Doctors who transplant corneas have always thought of the vision-saving surgery as gender-neutral, but a new study in the U.K. has found that female patients do better if they get their new corneas from other women rather than men.

The study of more than 18,000 patients in the U.K. found that female transplant recipients were more likely to have successful transplants if they got a woman’s cornea—but there was no gender difference in failure rates for men receiving women’s tissue. With one corneal disease, called Fuchs endothelial dystrophy, women’s transplants were 40 percent less likely to fail if they received another woman’s cornea instead of a man’s, according to the study published Thursday in the American Journal of Transplantation.

Christopher J. Rapuano, who heads the cornea service at the Wills Eye Hospital in Philadelphia and was not involved in the research, says he was surprised to see gender turn up as such a significant factor. “It seems like something that we would have known about before,” he says.

The cornea is the front part of the eye that gives it its curvature and two thirds of its refracting power. Injury, infection or disease can damage the cornea, limiting vision and potentially leading to blindness. Surgeons perform about 45,000 to 50,000 corneal transplants a year in the U.S.

Proteins called human leukocyte antigen (HLA) help the body identify which cells belong to it and which are foreign. In solid organs transplants, which involve a lot of blood vessels, HLA matching is beneficial. In contrast, HLA matching is not generally undertaken for corneal transplants as the cornea has no blood vessels and HLA matching has not been shown to be beneficial, explains Stephen Kaye, the study's senior author. As such, in the U.S., Australia as well as in the United Kingdom, HLA matching is not done for corneal transplants, Kaye notes. In other words, he says, the gender effect reported was not related to HLA matching.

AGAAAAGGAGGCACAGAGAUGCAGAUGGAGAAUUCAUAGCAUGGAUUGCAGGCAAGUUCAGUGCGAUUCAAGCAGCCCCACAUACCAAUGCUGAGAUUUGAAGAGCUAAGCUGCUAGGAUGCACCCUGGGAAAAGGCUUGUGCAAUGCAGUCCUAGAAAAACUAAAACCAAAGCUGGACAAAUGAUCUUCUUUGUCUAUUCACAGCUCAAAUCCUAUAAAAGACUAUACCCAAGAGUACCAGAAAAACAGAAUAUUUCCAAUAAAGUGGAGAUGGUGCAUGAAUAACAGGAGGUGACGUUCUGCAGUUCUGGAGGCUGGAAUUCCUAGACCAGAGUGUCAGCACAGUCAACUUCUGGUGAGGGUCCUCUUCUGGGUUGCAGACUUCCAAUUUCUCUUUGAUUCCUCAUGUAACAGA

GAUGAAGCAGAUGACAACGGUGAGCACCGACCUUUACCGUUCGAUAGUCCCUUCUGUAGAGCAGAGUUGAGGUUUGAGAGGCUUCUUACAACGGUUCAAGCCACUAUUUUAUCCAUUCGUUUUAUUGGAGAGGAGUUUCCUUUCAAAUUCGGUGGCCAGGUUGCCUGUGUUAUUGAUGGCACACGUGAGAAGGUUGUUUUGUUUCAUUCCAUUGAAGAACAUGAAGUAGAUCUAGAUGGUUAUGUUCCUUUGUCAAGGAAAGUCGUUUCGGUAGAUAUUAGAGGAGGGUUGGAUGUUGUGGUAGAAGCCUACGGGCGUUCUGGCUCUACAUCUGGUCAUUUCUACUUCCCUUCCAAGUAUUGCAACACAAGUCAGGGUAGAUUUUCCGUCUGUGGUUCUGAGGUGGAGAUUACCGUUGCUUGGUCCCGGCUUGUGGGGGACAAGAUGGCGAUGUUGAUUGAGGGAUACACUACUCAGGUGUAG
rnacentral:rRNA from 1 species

Previous research has not indicated the need to separate transplants by gender. “In Australia, we do not see—have never seen—an influence of gender matching or mismatching on corneal graft outcome,” Keryn Williams, scientific director of the Australian Corneal Graft Registry who was not involved in the research, wrote in an e-mail. Williams speculated that the results could be at least partly due to the fact that donors and patients in the U.K. are matched differently than they are in many other parts of the world.

Kaye says the vast majority of patients he studied were not HLA matched. The gender effect was strongest in patients with certain diseases, such as Fuchs endothelial dystrophy, he says—but less evident in other higher-risk conditions. Patients in the U.K. may have different outcomes from those in the U.S. because of procedural differences, says Kaye, a professor of opthamology at The Royal Liverpool University. In the U.S. tissue is stored under different conditions than in the U.K., and post-mortem times in the U.S. are much shorter, he says.*